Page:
1. Fruit Juice
Many people think of fruit juice as healthy, but it’s important to be aware of the sugar content. One cup of orange juice can pack 21 grams of sugar. Even green juice can have a ton of sugar if it’s sweetened with fruit juice. Another common mix up is that when you look at the nutrition label on a small bottle of juice, it’s often more than 1 serving, so that’s double the sugar.
If you drink fruit juice, have it in small doses, or just have a splash in a glass of plain or sparkling water. If you drink green juices, go for one that’s full of green veggies like kale, cucumber and celery, with lemon, ginger and just a small amount of apple to sweeten.
Yogurt is another “health food” full of sugar, a dessert in a cup. A Dannon “Fruit on the Bottom” with blueberry has a whopping 24 grams of sugar in a 6 ounce container. This particular yogurt is advertised as 99% fat free, fat isn’t the troubling part — but you can see it’s loaded with sugar. Make sure to check the labels to find better options.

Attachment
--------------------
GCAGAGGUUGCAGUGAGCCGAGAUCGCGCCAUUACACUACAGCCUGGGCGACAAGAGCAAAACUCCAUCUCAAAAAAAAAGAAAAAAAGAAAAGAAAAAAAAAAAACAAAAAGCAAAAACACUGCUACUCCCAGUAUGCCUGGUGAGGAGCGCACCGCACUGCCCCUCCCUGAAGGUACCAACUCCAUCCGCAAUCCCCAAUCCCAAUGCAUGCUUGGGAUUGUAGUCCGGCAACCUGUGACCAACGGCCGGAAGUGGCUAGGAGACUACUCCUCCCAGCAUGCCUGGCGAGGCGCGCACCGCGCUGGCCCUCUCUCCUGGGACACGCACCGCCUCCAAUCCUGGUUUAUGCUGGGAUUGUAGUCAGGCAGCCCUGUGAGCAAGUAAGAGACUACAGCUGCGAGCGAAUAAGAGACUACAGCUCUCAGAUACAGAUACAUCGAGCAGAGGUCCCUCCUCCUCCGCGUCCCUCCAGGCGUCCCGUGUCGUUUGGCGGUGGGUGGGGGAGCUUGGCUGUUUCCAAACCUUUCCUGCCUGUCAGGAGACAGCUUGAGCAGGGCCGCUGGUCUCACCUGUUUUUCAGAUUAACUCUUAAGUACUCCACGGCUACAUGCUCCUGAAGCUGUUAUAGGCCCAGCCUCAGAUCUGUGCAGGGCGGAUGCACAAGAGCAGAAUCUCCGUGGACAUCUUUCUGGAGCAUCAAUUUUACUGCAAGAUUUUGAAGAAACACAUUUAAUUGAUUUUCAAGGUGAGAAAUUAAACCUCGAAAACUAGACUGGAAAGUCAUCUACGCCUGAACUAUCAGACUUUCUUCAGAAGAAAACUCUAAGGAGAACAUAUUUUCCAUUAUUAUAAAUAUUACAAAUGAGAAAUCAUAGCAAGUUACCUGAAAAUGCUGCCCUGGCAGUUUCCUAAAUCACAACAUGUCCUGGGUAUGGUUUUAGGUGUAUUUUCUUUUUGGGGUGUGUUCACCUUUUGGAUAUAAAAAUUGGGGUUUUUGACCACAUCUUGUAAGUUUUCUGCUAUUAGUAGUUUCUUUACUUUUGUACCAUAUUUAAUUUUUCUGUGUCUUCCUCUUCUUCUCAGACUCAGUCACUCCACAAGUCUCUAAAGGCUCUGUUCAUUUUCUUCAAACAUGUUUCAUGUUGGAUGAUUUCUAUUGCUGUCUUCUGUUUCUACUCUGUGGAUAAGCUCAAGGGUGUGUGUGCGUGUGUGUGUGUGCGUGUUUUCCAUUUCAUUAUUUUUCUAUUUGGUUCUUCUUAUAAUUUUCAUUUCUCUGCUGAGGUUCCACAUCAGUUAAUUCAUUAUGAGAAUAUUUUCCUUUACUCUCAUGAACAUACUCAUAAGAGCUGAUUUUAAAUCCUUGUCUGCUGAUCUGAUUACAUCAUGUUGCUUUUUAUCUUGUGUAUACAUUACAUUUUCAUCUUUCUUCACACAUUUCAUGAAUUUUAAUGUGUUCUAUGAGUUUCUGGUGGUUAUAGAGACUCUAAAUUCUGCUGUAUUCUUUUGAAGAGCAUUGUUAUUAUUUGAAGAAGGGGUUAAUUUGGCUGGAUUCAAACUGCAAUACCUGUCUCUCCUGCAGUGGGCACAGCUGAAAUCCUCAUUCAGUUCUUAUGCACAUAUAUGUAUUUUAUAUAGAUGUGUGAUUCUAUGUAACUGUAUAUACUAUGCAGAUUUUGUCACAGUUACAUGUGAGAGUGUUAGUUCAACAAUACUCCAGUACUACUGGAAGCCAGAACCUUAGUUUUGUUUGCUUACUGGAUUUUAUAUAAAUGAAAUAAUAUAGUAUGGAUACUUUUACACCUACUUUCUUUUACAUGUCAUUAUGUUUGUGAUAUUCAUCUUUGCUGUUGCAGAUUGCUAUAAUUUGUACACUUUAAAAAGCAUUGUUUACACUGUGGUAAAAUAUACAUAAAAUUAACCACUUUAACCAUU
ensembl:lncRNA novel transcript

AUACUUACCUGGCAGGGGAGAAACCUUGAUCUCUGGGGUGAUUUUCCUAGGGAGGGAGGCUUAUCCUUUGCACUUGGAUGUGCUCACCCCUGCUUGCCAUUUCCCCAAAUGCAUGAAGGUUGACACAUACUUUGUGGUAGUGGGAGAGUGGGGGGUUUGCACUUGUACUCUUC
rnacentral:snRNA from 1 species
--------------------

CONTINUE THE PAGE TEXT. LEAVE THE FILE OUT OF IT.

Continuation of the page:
3. Protein Bars
Most protein bars on the market are junk food for adults. Right off the bat, many have a long list of ingredients that you can’t pronounce. Then there’s the sugar issue. A Clif Chocolate Chip Peanut Bar has 21 grams of sugar. That may be appropriate if you’re doing endurance sports, but it’s another if you’re sitting at a desk.
A better option might be a Kind bar, they have a few varieties such as Madagascar Vanilla Almond which only have 4 or 5 grams of sugar.
4. Gluten-Free Baked Goods
Often people see a “gluten-free” label and take that as a license to indulge. Splurging on a gluten-free muffin will have just as much sugar as a muffin that’s made with wheat.
While fruit is my sweet treat of choice and the only “dessert” that we keep in the house on a regular basis, I reach for the low-glycemic fruits like berries or apples. In smoothies, I often use avocado instead of a banana, opting for the healthy fats. I love the sweet fruits like pineapple, mango and grapes, but eat those less often and in much smaller quantities. And be aware that dried fruit is a sugar bomb — a little sprinkle of dried cranberries over a salad might be ok, but eating any large quantity of dried fruit is going to be tons of sugar.